Well that was real mature...

Well that was real mature...

Monday, March 17, 2014

Resolutions and Debates



            Matt and I had a lot of debate on this page. My original idea was to do a single panel (this was scripted before Matt and I had the final page discussion on "Dick Ruby" about full page panels). I wanted the aftermath of the climax to be a single panel with a lot of clues to hammer the resolution home. Kind of like looking at a table after a meal and trying to figure out what everyone ate. Little crumbs all scattered about. My idea was a high angle looking down at everything. Here is my original page description from the script: A single panel page. A bird's eye POV looking down on the entire room. Two hulking orderlies are inside the door looking confused. Dr. Felicity is hog tied and gagged in the center of the room. Her power bracelet is lying on the floor next to her, the blue jewel is cracked. Another lipstick sized device is lying nearby and it is projecting a recorded hologram of Felicity from the last page saying "And about to die." The bars on the window are melted away and there is no sign of Baxter. About a day after the page was to go up Matt called and suggested ending the story with page ten. I seriously considered it. Ten ended with one heck of a hard punch and, like "Dick Ruby," would give a great "what happens next vibe." However, for it to work would mean moving up our "B" story (which was set up earlier) and was planned to play out over pages 12 and 13. It would need an additional page to bring it all together. It was really tempting. But reordering the pages and doing such a drastic last minute restructuring would have blunted the original ending and it would have required putting up three pages prior to the new ending which had already been up for over a week. It seemed a bit like a cheat to regular readers even though most would find it after the fact. If it were a print book not yet going to press, I probably would have gone that route. So, we decided to keep the structure in tact and Matt came up with a different version of the page. It was a great page, packed full of the "crumbs" as well as some great unscripted touches (I love that Dr. Destructo apparently lost a shoe in the scuffle with Baxter). It had the elements I felt need to be there but there was still some debate as to the panel with the orderlies. On one hand, it was obvious that Dr. Felicity/Destructo was left to be discovered so they seemed extraneous. On the other hand, actually seeing someone make the discovery would give a certain amount of emotional satisfaction to the reader. It also rules out any idea that she would/could escape before being found. Again a common trope of comics is the elaborate inescapable trap which is actually always escapable ("Batman" 1966, I'm looking at you). I really wrestled with it and even second guessed the final decision after it was up in the early days, but I'm glad we went with what we did. With time to reflect and look back at it as a finished product, this page achieves what it needed to and the ending we went with on page 13 really has some punch and irony that page 10 might not have had as an ending.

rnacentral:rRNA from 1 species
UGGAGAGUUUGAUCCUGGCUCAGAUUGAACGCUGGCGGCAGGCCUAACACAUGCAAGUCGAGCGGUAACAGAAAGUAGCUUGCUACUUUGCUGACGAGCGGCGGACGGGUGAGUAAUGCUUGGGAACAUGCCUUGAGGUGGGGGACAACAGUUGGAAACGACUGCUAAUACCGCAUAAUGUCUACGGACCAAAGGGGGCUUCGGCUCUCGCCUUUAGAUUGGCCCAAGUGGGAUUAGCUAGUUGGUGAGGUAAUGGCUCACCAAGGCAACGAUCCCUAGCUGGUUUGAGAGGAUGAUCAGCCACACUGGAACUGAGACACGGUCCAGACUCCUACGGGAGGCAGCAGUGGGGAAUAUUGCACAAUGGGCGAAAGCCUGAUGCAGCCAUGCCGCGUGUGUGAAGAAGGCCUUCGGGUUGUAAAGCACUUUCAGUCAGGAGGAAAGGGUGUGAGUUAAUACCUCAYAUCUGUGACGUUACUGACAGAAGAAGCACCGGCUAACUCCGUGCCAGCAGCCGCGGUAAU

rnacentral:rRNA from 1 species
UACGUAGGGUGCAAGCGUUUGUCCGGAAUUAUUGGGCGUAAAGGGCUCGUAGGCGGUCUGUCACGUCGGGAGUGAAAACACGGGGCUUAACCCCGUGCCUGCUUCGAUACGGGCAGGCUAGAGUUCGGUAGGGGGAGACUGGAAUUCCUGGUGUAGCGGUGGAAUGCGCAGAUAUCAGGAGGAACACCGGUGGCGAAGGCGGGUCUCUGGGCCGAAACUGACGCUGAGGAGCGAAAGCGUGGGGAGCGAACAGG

Dissection: Beyond the discover of the hog tied doctor, the other "crumbs" I wanted scattered about also include: The melted bars and no sign of Baxter indicating he had an escape plan in place. The recording. It was his plan to expose her. The fact that Baxter left her alive. This shows that in true Bronze Age form, heroes are not killers (and Baxter might be quite sane as well, thank you very much). The broken "Demon's Eye" bracelet. Originally, I wanted a completely unresolved plot point, much like one I buried in "Dick Ruby" but I'm actually mentioning it here because our print edition will have some bonus pages, and I decided to address that plot point in those pages. ("Dick Ruby" readers will have to search and guess. Maybe we will have a contest at some point). Why is it a plot point? Keen eyed readers will recall that a volcano could not destroy the bracelet and that it "could not be destroyed by such pedestrian means." So how did it get smashed?  An excellent question. But I won't answer that one. Instead I will answer this one: If everything is wrapped up, how come there are two more pages? Dear reader, please recall the mute abused pediatric case of William Watson, last mentioned on page four.

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